*city lifestlye shpeel over*
The hike itself was amazing. In my experience, most hiking in Korea is pretty tame. Even the two biggest hills in Busan were pretty manageable hikes. The paths tended to be flat and gravelled (sometimes even concrete) and the only thing to remind you you weren’t strolling through a park is the slight incline and the views. Wolchulsan was different. It certainly didn’t coddle its hikers – if you want to climb this mountain, you have to earn it. The trails were rocky and when they occasionally became forest dirt they were narrow and root-strewn. Alot of the hiking, particularly the ascent to the peak, was very steep. Steel staircases were common to get up particularly steep areas, but sometimes nothing more than a steel handrail bolted into a cliff gave you leverage to climb the slippery rocks. More than twice even a steel handrail was too much to ask for and our only assistance was a knotted rope hanging down a steep rocky path.
One or two times I found myself holding a handrail with two hands and pulling myself up arm over arm as my feet struggled to find purchase on the smooth wet rocks. Very badass. I know what you are thinking and the answer is yes, I did hum the Indiana Jones theme song to myself most of the way. Although I make it sound really challenging I don’t want to put off anyone who is thinking of hiking Wolchulsan – you don’t need to be in super great shape to pull this off, just general good health. Be prepared to sweat and work hard though, unless you are a terminator.
On the way to the peak we saw a temple, a waterfall (which had all but entirely dried up this time of year) and the suspension bridge, which is the real highlight of the park. There is video of all this stuff on my youtube channel, which I will link to below. The bridge was particularly cool though, and worth a mention here. It was about 52 meters long and about 150 meters above ground (though it was halfway up a mountain, so probably a couple of hundred meters above sea level). It was made of steel and concrete, so not as awesome as I hoped (I was seriously looking forward to a swaying, rickety old thing and was hoping to cheer on Indiana Jones as he battled a heart stealing Indian Shaman) but it still kicked righteous ass. We also saw a rock shaped like a penis and a cave shaped like a vagina which, hilariously, faced each other just a few hundred meters apart. The number of puns and witty repartee was staggering and Dom and I quickly proved to Hilary that we were much less mature than she thought – its good to be 23.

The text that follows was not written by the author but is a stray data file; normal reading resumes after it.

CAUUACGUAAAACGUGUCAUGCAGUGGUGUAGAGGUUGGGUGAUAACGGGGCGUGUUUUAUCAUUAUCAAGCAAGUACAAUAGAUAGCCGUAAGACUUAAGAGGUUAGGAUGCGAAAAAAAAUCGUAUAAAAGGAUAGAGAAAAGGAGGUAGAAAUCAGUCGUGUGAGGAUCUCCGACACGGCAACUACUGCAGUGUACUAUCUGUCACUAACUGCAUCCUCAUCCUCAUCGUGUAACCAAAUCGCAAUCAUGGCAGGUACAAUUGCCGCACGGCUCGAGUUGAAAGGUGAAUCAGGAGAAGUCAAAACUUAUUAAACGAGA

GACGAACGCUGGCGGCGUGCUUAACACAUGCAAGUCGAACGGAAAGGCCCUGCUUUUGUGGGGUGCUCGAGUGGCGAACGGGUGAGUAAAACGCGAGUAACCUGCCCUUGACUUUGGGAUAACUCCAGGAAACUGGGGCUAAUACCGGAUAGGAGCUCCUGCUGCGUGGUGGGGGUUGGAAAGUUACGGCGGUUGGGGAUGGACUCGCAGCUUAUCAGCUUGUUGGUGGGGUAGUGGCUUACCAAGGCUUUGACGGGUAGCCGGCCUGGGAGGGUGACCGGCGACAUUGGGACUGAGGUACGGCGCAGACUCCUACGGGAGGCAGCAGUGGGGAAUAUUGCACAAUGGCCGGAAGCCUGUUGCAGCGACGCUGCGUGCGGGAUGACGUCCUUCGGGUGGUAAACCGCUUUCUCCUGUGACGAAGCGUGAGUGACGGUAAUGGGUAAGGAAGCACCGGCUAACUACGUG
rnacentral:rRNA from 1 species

The hike took a total of 6hrs and 30mins and I loved every minute of it. Easily some of the best hiking I’ve done in Korea. I’d like to thank the Korean people for inventing Chuseok and giving me 6 days off work while they celebrated it.
Check out the Wolchulsan video here:
That’s all for now BNBers!